anonymous
  • anonymous
hello can anyone help me solve this? the questions in english are : a) show that F is linear b) determine the associated matrix relative to the basis A and B . Is this matrix invertible? yes, give the reverse c) determine by hand: the image of the vector the polynomial Px d)determine the kernel ker(f) and image Im(f)
Mathematics
jamiebookeater
  • jamiebookeater
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anonymous
  • anonymous
Loser66
  • Loser66
To show F is linear, we need show F(aP + Q)(x) = aF(P(x) +F(Q(x) YOu can break it out by doing 2 parts : F(P + Q)(x) = F(P)+F(Q) and F(aP(x))= aF(P(x)) I do the first one Let P, Q in R^2[x], a in R then aP (x) + Q(x) = (aP+Q)(x) Now, apply F on \(F(aP + Q)(x) = ((aP+Q)(0), (aP+Q)'(1),\int_0^1 (aP+Q)(x))\)
Loser66
  • Loser66
All you need is "translate" the right hand side to \(F(aP(x)) +F(Q(x)\)

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Loser66
  • Loser66
for the first term: \((aP + Q)(x)\) , the property of function give us \((aP+Q)(x) = aP(x) +Q(x)\) It likes (f+g)(x) = f(x) +g(x)
Loser66
  • Loser66
the second term is derivative, and we know that derivative of the sum = sum of derivative, right? like (f+g)' = f'+g' hence we have \((aP+Q)'(1) = (aP)'(1) +Q'(1)\)
Loser66
  • Loser66
the last term is integral, exactly the same, we still have \[\int_0^1 (aP+Q)(x)dx=\int_0^1aP(x) dx +\int_0^1 Q(x) dx\]
Loser66
  • Loser66
Now, combine all
Loser66
  • Loser66
You know that if I have vectors \[\left[\begin{matrix}a +b \\c +d\end{matrix}\right] =\left[\begin{matrix}a \\c \end{matrix}\right]+\left[\begin{matrix}b \\c \end{matrix}\right]\], right?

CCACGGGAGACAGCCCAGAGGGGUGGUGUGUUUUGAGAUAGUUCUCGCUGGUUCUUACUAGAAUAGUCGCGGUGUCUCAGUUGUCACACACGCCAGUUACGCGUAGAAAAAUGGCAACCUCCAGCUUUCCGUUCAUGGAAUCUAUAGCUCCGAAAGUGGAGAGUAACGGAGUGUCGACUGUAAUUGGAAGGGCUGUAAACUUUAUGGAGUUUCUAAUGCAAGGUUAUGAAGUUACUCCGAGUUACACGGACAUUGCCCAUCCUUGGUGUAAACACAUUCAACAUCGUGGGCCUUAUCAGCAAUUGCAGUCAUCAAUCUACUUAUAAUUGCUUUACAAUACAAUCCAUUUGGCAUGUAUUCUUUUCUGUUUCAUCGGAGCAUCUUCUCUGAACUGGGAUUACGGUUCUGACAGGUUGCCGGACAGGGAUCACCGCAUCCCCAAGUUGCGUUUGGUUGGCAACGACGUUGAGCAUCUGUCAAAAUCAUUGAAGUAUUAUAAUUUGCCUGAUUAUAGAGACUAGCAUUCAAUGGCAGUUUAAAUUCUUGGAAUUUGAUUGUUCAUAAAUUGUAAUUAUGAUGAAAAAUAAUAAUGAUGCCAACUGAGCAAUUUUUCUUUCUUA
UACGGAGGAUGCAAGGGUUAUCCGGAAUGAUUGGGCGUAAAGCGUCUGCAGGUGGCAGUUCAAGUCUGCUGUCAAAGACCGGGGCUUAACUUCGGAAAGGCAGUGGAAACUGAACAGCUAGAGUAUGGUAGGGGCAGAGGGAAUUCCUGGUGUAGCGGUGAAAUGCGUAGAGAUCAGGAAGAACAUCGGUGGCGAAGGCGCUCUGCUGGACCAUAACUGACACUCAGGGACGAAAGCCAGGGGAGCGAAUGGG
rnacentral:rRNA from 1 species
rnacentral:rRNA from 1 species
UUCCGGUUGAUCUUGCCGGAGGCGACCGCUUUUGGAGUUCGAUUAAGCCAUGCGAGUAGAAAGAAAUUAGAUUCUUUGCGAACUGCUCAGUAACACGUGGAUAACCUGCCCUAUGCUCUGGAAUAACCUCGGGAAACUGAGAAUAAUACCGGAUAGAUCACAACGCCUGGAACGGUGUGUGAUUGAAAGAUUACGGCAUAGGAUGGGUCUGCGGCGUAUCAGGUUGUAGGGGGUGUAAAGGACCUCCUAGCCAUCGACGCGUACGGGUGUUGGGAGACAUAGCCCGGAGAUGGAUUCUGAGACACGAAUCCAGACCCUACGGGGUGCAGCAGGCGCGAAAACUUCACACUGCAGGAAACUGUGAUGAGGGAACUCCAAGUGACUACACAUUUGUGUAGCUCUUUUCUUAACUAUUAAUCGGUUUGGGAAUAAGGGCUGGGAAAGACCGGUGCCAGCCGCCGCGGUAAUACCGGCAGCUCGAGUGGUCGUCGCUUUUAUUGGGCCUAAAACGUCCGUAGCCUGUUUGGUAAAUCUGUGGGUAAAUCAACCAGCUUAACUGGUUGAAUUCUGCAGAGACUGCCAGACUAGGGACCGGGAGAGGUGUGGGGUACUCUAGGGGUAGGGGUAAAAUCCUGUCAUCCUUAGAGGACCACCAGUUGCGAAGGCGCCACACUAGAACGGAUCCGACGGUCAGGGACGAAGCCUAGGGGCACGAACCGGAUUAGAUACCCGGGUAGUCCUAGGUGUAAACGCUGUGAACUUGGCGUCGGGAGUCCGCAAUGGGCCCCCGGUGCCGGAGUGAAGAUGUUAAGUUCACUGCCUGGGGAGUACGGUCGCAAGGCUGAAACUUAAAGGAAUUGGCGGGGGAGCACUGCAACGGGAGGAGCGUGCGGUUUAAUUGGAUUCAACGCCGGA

Loser66
  • Loser66
hence, your result can be broken down like that
Loser66
  • Loser66
\[\left[\begin{matrix}aP(x) + Q(x)\\aP'(1) +Q'(1)\\\int_0^1aP(x)dx +\int_0^1Q(x)\end{matrix}\right]=\left[\begin{matrix}aP(x) \\aP'(1) \\\int_0^1aP(x)dx \end{matrix}\right]+\left[\begin{matrix} Q(x)\\Q'(1)\\\int_0^1Q(x)\end{matrix}\right]\]
Loser66
  • Loser66
From the right, the first matrix is F(aP(x), and the second one is F(Q(x) Done, right?
anonymous
  • anonymous
ok that seems quite logical , i really got confused by the writing
Loser66
  • Loser66
Of course, you must jot down in neat. I inserted the explanation when solving it. It makes the proof has many irrelevant terms. hehehe...
anonymous
  • anonymous
okay thank you , and do you know b, c and d? ( I'm very grateful that you help me)
Loser66
  • Loser66
For b) matrix A is invertible since its determinant =-12 \(\neq 0\)
Loser66
  • Loser66
So does B, det(B) = 2
anonymous
  • anonymous
oh but the question is to combine those two bases to get the associated matrix
Loser66
  • Loser66
And you know how to find their inverse, right?
anonymous
  • anonymous
yes the inverse and determinant aren't the problem , that's just math but i need the matrix that is formed by those two bases given F
Loser66
  • Loser66
I don't get the question.
anonymous
  • anonymous
it's called the associated matrix in dutch. But i can't find a decent translation for it
Loser66
  • Loser66
You meant the transformation that changes base A to base B??
anonymous
  • anonymous
yes i think so
Loser66
  • Loser66
so, just put [B|A] and try to change to [Identity| required matrix] by rref. Dat sit
anonymous
  • anonymous
this is an example of what we did on another exercise
Loser66
  • Loser66
|dw:1437695240946:dw|
Loser66
  • Loser66
wait, my master here, let me tag him @oldrin.bataku
anonymous
  • anonymous
with base of starting vector space [(1,0,0),(1,1,0),(1,1,1) ] to the ending vector space [(0,1,0,0),(0,0,1,0),(0,0,0,1),(1,0,0,0)]
anonymous
  • anonymous
b) determine the associated matrix relative to the basis A and B . Is this matrix invertible? yes, give the reverse what are your bases?
anonymous
  • anonymous
those are on the first picture
anonymous
  • anonymous
okay, so the columns of the matrix representing a given linear map or transformation correspond to the way the matrix transforms the basis vectors (in order)
anonymous
  • anonymous